UK Government’s plans to ban junk food TV advertising before 9 p.m. are criticized | Food and beverage industry
The government’s plans to restrict junk food advertising on TV and the internet have been criticized by activists who say they contain too many exemptions to sway the rising levels of obesity in the UK.
The new rules, announced on Thursday and coming into effect late next year, will ban advertising high fat, salt and sugar (HFSS) products outside the watershed at 9 p.m. It also bans paid ads on sites like Facebook and Google from big brands.
However, the government has allowed numerous exemptions and outsourcing. Businesses will be able to show marketing on their own websites and social media accounts. The restrictions do not apply to marketing by smaller companies with fewer than 250 employees.
Some foods that are HFSS and are not considered traditional “junk food” – such as honey, marmite, and avocados – are still allowed to appear in advertisements. This also applies to sugar-free beverages and products such as McDonald’s nuggets, which are nutritionally not considered HFSS products.
It is controversial that only branded advertising is still allowed on the internet and on television, allowing companies associated with junk food products to self-market as long as the offending products don’t appear.
Health activists welcomed the further tightening of advertising rules, but expressed concerns that big brands associated with poor diet can continue to have a large presence in front of consumers.
“The proposals represent a significant step forward in reducing exposure to a constant stream of unhealthy food and drink advertisements on television and the Internet,” said Barbara Crowther, coordinator of the Children’s Food Campaign. “We remain concerned that the proposals will still allow massive multinational junk food companies and delivery platforms to run large branding campaigns.”
The small business exception means that Facebook and Google, where small businesses that can’t afford TV ads tend to invest their marketing spend, will continue to display significant amounts of junk food ads.
Dr. Petra Hanson, a clinical researcher at Warwick Medical School, said the government must put a total ban on online and television advertising of junk food to address the obesity problem in the UK.
“I am still very concerned about children’s exposure to advertisements for unhealthy foods,” she said. “Children continue to be exposed to unhealthy commercials. Young adults will continue to be exposed to unhealthy food advertisements after 9 p.m., and we know that eating habits developed at a young age often persist into adulthood. “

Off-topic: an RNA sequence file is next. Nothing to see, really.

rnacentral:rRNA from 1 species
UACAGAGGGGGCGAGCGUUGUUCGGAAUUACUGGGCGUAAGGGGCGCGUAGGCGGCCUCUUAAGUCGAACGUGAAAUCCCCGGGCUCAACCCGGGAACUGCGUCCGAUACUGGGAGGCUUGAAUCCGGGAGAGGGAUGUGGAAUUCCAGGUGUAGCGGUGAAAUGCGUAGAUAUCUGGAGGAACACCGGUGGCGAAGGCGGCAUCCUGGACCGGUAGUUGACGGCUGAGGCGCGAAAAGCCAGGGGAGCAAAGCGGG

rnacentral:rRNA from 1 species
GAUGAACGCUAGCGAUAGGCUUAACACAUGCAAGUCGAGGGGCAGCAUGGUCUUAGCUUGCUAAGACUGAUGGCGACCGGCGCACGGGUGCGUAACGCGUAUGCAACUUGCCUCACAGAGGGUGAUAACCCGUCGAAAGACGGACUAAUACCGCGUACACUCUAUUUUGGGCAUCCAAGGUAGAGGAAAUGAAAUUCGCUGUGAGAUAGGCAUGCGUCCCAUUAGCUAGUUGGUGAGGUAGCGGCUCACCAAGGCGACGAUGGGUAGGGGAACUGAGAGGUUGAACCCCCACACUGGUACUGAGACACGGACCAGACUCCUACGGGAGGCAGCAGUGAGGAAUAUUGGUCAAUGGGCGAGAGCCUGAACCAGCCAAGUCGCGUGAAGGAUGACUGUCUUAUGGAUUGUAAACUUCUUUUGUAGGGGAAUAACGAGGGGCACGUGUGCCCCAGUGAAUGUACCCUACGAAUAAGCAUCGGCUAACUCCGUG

The government says the UK’s TV and online restrictions could remove up to 7.2 billion calories from children’s diets, reducing the number of obese children by 20,000. Currently every third child leaves elementary school overweight or obese.
“We are committed to improving the health of our children and fighting obesity,” said Health Minister Jo Churchill.
“The content teenagers see can affect their choices and habits. As children spend more time online, it is important that we protect them from unhealthy advertising. “
However, the advertising industry said the government’s own impact assessment showed that a ban on television advertising before 9 p.m. would only remove about 1.7 calories per day from a child’s diet, which is half a smartie.
“Advertisers agree that the UK has a problem with obesity and that action needs to be taken,” said Phil Smith, director general of ISBA, the body that represents UK advertisers. “[But] There is no evidence that the ministers’ proposals will have any significant impact on children’s health. It seems that the government has made headlines about sensible reforms. “
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The News Media Association, which represents all of the major national and local newspaper publishers, said the “draconian” measures would “harm news media publishers who rely on advertising revenue to fund journalism that keeps us all informed”.
It is estimated that the UK spends more than £ 400 million annually on online grocery advertising. A ban on TV advertising before the turnaround could cost broadcasters such as ITV, Channel 4, Channel 5 and Sky more than £ 200 million in sales per year.
The strict new rules follow Boris Johnson’s hospitalization due to the coronavirus last April. The prime minister should blame his own weight problems for contributing to his illness; Obesity has been identified as an important factor in determining which people are seriously affected by the coronavirus.